“It was really one of those eye-opening things where, for the first time ever, I really understood that I was mortal,” says the director. “I really knew I might not get another chance to make another movie, period. So my approach to this movie, more than ever, [was] to go all out. I tried to make a mic-drop monster movie that encompassed all my influences, interests, down to the color palettes and all those kinds of things.”

The result is a movie that expands the mythos of the various kaiju creatures — called Titans in the MonsterVerse — and introduces a new, sinister villain. The visuals are impressive, as are the plentiful needle drops.

“Godzilla x Kong” arrives at a time when Godzilla is experiencing a bit of a renaissance. He’s stomped his way onto television with the Apple TV+ series “Monarch: Legacy of Monsters,” while Japan’s “Godzilla Minus One” earned the long-running franchise its first Academy Award last month.

“It’s a great time to be a Godzilla fan, for sure,” says Wingard.

This year also marks the 70th anniversary of Godzilla’s debut and Wingard is sensitive to that sociopolitical legacy born of real-world nuclear anxiety.

“You don’t want to lose the roots of where these characters are created,” says Wingard. “I love how [recent] Japanese films [like ‘Shin Godzilla’ and ‘Minus One’] really focused on the reality of Godzilla — the metaphorical qualities of Godzilla and what he means to Japan.”

Wingard’s approach to the character has been to be true to what Godzilla meant to him as a kid — he was the good guy. And his inner 10-year-old was always in mind.

“In the MonsterVerse, Godzilla is very much like the white blood cell of planet Earth — he’s here to protect it,” says Wingard. “The aim for me is to inspire future filmmakers, the kids who are going to watch this and see these monsters as characters. They’re going to understand what’s going on and they’re going to have their own interfacing of their imagination into it.”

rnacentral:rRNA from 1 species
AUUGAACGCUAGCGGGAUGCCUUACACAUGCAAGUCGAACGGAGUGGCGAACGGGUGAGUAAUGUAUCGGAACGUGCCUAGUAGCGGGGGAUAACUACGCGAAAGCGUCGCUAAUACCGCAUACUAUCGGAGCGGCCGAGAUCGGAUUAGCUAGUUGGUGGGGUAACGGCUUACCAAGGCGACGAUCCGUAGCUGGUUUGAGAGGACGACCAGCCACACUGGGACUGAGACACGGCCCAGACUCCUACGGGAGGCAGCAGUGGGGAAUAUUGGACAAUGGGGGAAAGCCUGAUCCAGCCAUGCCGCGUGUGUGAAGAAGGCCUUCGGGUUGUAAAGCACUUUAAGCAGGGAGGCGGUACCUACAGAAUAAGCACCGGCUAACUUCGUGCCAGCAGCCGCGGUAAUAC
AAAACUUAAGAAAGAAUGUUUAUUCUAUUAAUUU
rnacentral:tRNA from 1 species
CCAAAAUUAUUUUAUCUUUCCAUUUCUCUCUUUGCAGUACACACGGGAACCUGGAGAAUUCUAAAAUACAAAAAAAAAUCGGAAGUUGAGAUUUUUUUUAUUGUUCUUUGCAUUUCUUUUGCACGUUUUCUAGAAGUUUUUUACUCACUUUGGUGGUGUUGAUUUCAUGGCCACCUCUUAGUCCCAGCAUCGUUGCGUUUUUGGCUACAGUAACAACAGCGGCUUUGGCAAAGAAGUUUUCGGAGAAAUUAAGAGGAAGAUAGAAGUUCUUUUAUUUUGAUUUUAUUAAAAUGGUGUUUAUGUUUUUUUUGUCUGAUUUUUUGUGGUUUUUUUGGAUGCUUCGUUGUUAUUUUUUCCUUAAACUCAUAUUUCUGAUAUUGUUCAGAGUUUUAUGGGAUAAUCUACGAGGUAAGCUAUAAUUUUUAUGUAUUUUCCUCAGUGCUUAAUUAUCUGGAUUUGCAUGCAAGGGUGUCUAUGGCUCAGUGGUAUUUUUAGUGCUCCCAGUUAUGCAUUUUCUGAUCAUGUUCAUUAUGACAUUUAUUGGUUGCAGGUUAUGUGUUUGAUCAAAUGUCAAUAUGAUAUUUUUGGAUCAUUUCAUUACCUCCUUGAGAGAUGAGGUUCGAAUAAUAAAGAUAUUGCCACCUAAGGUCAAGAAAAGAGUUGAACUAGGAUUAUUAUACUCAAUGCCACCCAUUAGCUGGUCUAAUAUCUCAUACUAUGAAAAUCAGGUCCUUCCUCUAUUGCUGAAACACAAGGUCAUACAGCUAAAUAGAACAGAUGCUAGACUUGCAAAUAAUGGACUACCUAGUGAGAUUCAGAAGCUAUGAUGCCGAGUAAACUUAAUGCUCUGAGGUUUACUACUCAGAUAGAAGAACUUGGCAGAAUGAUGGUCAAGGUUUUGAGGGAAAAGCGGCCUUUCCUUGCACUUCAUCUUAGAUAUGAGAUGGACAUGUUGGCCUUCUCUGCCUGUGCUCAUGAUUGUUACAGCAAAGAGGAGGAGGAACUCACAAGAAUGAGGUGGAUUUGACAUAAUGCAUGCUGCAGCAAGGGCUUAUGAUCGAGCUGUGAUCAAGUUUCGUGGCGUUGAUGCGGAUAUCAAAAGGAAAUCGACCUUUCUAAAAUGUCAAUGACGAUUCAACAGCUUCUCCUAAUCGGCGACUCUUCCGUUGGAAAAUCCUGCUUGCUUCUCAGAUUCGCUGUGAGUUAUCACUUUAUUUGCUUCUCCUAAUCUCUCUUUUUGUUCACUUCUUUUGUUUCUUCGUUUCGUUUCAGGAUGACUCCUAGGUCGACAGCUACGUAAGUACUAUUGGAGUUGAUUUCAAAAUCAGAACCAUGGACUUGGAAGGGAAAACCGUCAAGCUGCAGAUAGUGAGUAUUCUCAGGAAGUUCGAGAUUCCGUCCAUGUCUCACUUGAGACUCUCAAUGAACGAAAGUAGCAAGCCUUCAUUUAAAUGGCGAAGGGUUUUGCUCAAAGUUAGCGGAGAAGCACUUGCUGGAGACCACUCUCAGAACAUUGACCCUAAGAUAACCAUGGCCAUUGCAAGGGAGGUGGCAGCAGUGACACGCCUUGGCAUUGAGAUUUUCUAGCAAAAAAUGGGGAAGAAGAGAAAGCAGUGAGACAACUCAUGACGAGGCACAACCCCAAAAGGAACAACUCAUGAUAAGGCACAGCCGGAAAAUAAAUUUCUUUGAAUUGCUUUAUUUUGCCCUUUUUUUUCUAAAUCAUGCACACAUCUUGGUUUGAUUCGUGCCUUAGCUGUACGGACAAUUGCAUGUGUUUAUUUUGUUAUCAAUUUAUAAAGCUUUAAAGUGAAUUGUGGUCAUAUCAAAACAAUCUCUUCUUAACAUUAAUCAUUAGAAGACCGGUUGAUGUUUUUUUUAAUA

Loving Godzilla isn’t always easy, though. Compared with the shaggy, likable Kong, who, with the ability to emote, is a character audiences have always empathized with, Godzilla is “a little bit more complicated to pull off,” according to the filmmaker.

“A lot of my inspiration for his mannerisms comes from my cat, Mischief,” says Wingard. He points to a photo of a black cat next to an illustration of a sleeping Godzilla on a wall and adds: “Her lying in her cat nest was the inspiration for Godzilla in the Colosseum.”

There’s “something about the mannerisms of cats,” continues Wingard. “They have a personality, but they don’t smile and frown. But you understand your cat without them emoting in a normal way and there’s something about that that translates to Godzilla — that attitude that cats have.”

Wingard isn’t the only “Godzilla” director to take cues from a feline. He tells me that “Godzilla Minus One” filmmaker Takashi Yamazaki, whom he’d met after a screening, was also inspired by his pet cat.

Now, after almost seven years of focusing on Godzilla and Kong, Wingard acknowledges that a part of him is interested in going back to his roots and developing a horror project. That said, he’d jump at the chance to make another MonsterVerse film if asked.

“I think that when you make two movies, there’s always an inclination toward a trilogy,” he says, the inner 10-year-old very much in evidence. “We’ll just have to see.”

©2024 Los Angeles Times. Visit Distributed by Tribune Content Agency, LLC.